Thank you all for braving the Classics and for your patience throughout the judging process! Congratulations to your entries, and the winners: FIRST PLACE: Wallyroo 92: Blessed be the Fruit
Bravo! Just Bravo! Congratulations on your win. That final stanza was remarkable and sealed the piece ( but please put an end-stop at the end of the first stanza to match the rest ). And anyone who hasn't read Atwood's 'Marrying the Hangman'
( particularly the notes ), needs to.
I am not quick to shrug off 'The Handmaid's Tale
' as are others. I wasn't quick to shrug off 'Star Trek' as were others. Now look where the space program is headed. For centuries the masculine has attempted to suppress the feminine. Just when we think we are moving forward, it seems we step backwards.
Either way, there is an unbalanced, masculine force attempting to dominate this country. Unfortunately, it already dominates many other countries. You totally captured that essence in this piece.
Again, congratulations on your win! Second Place: PoetsRevenge: Rabbit Song
Atwood's Rat Song
is not only one of my favorites, but also one of the most difficult of her pieces to understand. Many misinterpret it as humans ingesting rats ( and they do in many parts of the world ); however, that is not what she is conveying at all.
The Rat is speaking to the human as a sentient being. It's not a coincidence that she chooses a rat. They are one of the most detestable and expendeble known creatures to humanity. Thus, it's almost a level of enlightenment if we can view such a creature in the light of compassion and a fellow sentient on this planet.
The rat recognizes the Oneness of all creatures from the Source of Life, which is what is referred to in the final stanza and in reference to the throat. It's the voice of LIFE that the rat is referring to, something every sentient being on earth shares. She also referenced the nature of animals, i.e. - the rat's nest of human clothing ( which is much more remarkable then the human diet of animals meat ) referring that we all do what we do to survive and propogate the species.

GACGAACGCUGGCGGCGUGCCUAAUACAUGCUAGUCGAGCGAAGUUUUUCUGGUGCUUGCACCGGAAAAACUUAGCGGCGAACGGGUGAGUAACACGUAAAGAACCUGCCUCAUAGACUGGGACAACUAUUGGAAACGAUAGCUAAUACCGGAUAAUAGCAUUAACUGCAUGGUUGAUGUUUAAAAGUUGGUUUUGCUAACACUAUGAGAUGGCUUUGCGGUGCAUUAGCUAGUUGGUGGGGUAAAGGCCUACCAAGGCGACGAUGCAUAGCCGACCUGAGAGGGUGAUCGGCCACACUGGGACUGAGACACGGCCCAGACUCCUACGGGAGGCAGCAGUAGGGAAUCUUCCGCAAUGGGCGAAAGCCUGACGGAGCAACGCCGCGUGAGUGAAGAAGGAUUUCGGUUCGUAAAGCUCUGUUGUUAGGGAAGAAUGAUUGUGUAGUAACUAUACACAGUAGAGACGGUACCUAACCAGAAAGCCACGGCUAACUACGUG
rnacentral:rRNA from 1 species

So, in essence, Atwood has taken this lowly creature, despised by humans and given it a voice of compassion vs retribution. As humans, it's almost impossible to reisist that desire for revenge when others persecute us; however, the rat has done that here through Atwood's poem.
What a compassionate person she must've been to convey such a beautiful message. it's interesting to gauge human reactions after reading this.
Your poem also conveys the spirit of survival through the rabbit's natural inclinations. It also stresses that the rabbit leaves nothing behind as far as a carbon footprint. It destroys nothing, but encourages growth instead. It's a beautiful narrative from the rabbit's perspective of its existence.
Congratulations on your placement. Third Place: Slipalong, Twit-twoo Twit-twoo
Slip, you did a phenomenal job stepping out of your comfort zone. We are amazed at your progress in such little time.
Owls can be viscious predators, and they say hell hath no wrath as that of a woman scorned. Thus, Atwood did a phenomenal job conveying such predatory ruthlessness with that of a women who had been murdered, and was back for revenge. Animal spirits offer us their innate talents to imbibe and strengthen within ourselves.
Your poem was beautiful in imagery. You are truly becoming a master of verse in just the few short years you have been practicing.
That being said, there are a few inconsistencies with punctuation throughout the verse. For example, there are no end-stops until stanza four; yet, you're using capitalization and lower-case in the previous three, which would denote the end/beginning of new sentences.
You did absolutely amazing with your possessives; that was very impressive up until the sixth stanza: Its appetite can( ' )t be appeased,
rotten as the grave
it's its weathering headstone
writes short words in fear.
In the seventh stanza you have an inadvertent end-stop mid-sentence: Drying essence of regard [ . ] we still hold dear
We suggest combing through the inconsistencies, especially regarding punctuation. This poem is too beautiful a poem, too rich in palpable imagery, and most importantly, definitely reminiscent of a classic corner entry.
You would have scored MUCH higher had it not been so inconsistent.